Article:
Min system, which determines the cell division plane of bacteria, uses the localization change of protein (Min wave) emerged by a reaction-diffusion coupling. Although previous studies have shown that cell-sized space and boundaries modulate shape and speed of Min waves, its effects on Min wave emergence was still elusive. Here, by using a fully confined microsized space as a mimic of live cells, we revealed that confinement changes conditions for Min wave emergence. In the microsized space, an increase of surface-to-volume ratio changed the localization efficiency of proteins on membranes, and therefore, suppression of the localization change was necessary to produce stable Min wave generations. Furthermore, we showed that the cell-sized space more strictly limits parameters for wave emergence because confinement inhibits instability and excitability of the system. These results illuminate that confinement of reaction-diffusion systems works as a controller of spatiotemporal patterns in live cells.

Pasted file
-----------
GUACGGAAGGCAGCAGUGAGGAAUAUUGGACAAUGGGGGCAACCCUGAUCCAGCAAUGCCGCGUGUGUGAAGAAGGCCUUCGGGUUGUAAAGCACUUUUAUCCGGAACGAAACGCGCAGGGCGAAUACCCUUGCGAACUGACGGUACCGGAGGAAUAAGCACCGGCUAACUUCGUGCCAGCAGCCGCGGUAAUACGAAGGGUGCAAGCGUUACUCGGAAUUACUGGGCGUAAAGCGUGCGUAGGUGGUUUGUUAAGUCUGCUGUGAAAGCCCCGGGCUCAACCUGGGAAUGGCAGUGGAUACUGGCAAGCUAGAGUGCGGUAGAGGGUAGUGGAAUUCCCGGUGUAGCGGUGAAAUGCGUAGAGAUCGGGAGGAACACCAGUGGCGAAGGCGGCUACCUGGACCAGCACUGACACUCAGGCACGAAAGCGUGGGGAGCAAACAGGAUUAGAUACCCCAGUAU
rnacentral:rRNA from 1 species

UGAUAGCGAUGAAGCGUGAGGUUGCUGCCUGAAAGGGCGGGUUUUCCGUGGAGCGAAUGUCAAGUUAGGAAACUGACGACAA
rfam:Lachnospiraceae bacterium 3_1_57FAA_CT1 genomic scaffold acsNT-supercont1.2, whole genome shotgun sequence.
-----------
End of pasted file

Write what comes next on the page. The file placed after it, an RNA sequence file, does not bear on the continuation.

ASJC Scopus subject areas
- Biochemistry, Genetics and Molecular Biology(all)
- Agricultural and Biological Sciences(all)
- Immunology and Microbiology(all)
- Pharmacology, Toxicology and Pharmaceutics(all)